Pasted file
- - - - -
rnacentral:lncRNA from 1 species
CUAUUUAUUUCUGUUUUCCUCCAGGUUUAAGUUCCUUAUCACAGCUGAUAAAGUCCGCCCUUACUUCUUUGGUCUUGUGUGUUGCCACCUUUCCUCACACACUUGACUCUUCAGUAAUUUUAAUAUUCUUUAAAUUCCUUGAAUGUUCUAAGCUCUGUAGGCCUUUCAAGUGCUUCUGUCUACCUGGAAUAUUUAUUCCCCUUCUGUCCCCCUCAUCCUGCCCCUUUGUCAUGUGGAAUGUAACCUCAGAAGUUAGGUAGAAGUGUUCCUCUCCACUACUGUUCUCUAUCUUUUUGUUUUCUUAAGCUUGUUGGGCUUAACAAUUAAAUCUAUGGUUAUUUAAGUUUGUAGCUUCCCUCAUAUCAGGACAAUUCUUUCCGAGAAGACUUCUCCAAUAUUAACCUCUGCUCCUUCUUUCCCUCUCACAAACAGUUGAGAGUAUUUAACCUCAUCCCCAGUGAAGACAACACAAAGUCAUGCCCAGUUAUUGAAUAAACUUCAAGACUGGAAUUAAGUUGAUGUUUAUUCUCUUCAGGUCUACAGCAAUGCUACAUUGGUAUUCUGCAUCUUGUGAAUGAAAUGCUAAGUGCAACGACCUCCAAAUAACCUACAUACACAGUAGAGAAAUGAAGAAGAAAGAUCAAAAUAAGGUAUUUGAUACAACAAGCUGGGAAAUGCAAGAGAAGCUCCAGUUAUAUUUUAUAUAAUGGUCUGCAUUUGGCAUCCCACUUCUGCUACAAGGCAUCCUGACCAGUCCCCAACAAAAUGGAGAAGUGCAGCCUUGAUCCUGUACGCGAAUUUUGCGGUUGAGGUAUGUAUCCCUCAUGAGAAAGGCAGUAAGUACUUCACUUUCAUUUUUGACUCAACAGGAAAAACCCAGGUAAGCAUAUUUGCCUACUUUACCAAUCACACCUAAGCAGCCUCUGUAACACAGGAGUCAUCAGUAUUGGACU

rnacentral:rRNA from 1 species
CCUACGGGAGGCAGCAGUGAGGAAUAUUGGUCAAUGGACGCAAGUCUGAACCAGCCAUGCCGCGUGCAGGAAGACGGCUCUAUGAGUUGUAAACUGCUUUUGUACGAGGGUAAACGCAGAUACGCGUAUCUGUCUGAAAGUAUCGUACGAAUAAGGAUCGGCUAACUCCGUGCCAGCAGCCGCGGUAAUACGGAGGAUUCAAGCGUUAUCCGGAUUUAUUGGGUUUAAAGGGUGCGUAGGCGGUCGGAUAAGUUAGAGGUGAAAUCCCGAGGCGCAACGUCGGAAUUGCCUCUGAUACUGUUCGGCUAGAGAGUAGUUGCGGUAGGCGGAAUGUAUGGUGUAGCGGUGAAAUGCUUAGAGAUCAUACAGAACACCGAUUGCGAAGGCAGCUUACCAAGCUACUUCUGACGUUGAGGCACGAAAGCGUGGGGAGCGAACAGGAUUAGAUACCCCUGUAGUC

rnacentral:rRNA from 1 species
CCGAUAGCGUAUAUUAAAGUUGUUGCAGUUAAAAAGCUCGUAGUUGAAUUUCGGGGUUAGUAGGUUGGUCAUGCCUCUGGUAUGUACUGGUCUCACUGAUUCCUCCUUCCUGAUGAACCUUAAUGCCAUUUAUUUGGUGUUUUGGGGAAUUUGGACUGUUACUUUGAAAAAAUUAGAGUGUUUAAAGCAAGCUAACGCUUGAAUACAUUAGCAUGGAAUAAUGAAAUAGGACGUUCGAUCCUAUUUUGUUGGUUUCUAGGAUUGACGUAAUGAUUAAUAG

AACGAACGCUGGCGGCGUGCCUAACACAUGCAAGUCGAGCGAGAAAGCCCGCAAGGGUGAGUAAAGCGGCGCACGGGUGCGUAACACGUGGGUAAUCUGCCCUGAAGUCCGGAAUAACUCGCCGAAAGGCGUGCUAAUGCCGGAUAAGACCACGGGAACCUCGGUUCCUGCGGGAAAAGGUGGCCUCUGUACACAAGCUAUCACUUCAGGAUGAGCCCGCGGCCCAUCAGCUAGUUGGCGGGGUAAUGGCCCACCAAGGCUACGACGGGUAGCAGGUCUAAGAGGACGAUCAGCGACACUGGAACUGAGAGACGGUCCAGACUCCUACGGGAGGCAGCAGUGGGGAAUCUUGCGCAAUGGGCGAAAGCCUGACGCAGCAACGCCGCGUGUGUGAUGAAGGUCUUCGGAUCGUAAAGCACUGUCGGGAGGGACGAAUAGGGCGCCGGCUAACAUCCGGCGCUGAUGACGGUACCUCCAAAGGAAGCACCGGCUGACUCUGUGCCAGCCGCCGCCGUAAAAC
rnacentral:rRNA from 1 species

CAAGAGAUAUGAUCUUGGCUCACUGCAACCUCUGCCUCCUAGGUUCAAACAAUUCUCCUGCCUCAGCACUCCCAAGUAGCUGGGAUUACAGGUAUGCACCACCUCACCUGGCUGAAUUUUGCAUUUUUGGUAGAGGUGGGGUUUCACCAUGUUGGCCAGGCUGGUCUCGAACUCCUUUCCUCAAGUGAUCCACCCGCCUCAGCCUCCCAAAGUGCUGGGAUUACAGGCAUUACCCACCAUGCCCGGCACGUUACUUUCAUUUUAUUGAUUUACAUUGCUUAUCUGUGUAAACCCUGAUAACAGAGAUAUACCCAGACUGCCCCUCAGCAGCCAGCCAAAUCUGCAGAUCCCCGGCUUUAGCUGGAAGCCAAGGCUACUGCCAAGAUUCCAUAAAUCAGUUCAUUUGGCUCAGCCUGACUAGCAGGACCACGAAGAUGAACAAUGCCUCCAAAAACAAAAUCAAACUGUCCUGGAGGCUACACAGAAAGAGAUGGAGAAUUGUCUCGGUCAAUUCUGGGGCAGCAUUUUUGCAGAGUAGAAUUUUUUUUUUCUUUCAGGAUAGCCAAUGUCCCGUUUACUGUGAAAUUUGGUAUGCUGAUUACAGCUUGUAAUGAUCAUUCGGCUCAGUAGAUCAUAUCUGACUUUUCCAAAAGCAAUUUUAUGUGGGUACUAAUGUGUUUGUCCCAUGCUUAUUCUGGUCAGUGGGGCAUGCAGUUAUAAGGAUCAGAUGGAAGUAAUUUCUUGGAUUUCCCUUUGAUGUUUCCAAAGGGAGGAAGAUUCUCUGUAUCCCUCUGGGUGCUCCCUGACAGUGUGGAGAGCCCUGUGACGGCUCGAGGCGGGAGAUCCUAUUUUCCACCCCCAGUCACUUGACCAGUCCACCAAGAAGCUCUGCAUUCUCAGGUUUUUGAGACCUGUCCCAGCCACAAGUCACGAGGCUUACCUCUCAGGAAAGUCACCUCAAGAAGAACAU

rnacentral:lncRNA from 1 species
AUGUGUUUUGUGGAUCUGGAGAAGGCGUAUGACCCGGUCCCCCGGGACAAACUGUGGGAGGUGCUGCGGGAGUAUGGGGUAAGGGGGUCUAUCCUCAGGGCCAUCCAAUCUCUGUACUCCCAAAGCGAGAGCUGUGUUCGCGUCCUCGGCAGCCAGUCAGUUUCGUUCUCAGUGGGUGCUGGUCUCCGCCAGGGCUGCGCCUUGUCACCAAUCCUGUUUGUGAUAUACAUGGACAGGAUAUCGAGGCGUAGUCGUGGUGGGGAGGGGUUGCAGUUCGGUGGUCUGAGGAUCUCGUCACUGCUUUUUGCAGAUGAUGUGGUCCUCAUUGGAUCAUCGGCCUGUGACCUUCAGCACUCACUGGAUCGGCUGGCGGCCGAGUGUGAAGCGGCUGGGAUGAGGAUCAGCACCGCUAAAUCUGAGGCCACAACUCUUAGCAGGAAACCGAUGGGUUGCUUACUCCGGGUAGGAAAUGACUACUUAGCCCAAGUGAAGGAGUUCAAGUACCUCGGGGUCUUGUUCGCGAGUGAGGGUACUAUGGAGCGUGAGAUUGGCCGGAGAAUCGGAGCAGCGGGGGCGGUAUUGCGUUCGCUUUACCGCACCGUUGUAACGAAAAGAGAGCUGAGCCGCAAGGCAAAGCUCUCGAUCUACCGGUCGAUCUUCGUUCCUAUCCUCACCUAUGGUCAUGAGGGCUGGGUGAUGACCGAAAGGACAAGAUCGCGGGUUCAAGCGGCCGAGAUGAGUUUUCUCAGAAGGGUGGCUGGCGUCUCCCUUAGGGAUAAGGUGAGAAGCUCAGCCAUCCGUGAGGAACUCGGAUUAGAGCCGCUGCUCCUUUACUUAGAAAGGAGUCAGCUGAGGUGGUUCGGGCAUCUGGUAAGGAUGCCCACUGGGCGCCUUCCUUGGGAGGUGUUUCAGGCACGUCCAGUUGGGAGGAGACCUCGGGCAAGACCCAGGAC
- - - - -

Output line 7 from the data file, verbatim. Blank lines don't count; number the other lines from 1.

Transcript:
AACGAACGCUGGCGGCGUGCCUAACACAUGCAAGUCGAGCGAGAAAGCCCGCAAGGGUGAGUAAAGCGGCGCACGGGUGCGUAACACGUGGGUAAUCUGCCCUGAAGUCCGGAAUAACUCGCCGAAAGGCGUGCUAAUGCCGGAUAAGACCACGGGAACCUCGGUUCCUGCGGGAAAAGGUGGCCUCUGUACACAAGCUAUCACUUCAGGAUGAGCCCGCGGCCCAUCAGCUAGUUGGCGGGGUAAUGGCCCACCAAGGCUACGACGGGUAGCAGGUCUAAGAGGACGAUCAGCGACACUGGAACUGAGAGACGGUCCAGACUCCUACGGGAGGCAGCAGUGGGGAAUCUUGCGCAAUGGGCGAAAGCCUGACGCAGCAACGCCGCGUGUGUGAUGAAGGUCUUCGGAUCGUAAAGCACUGUCGGGAGGGACGAAUAGGGCGCCGGCUAACAUCCGGCGCUGAUGACGGUACCUCCAAAGGAAGCACCGGCUGACUCUGUGCCAGCCGCCGCCGUAAAAC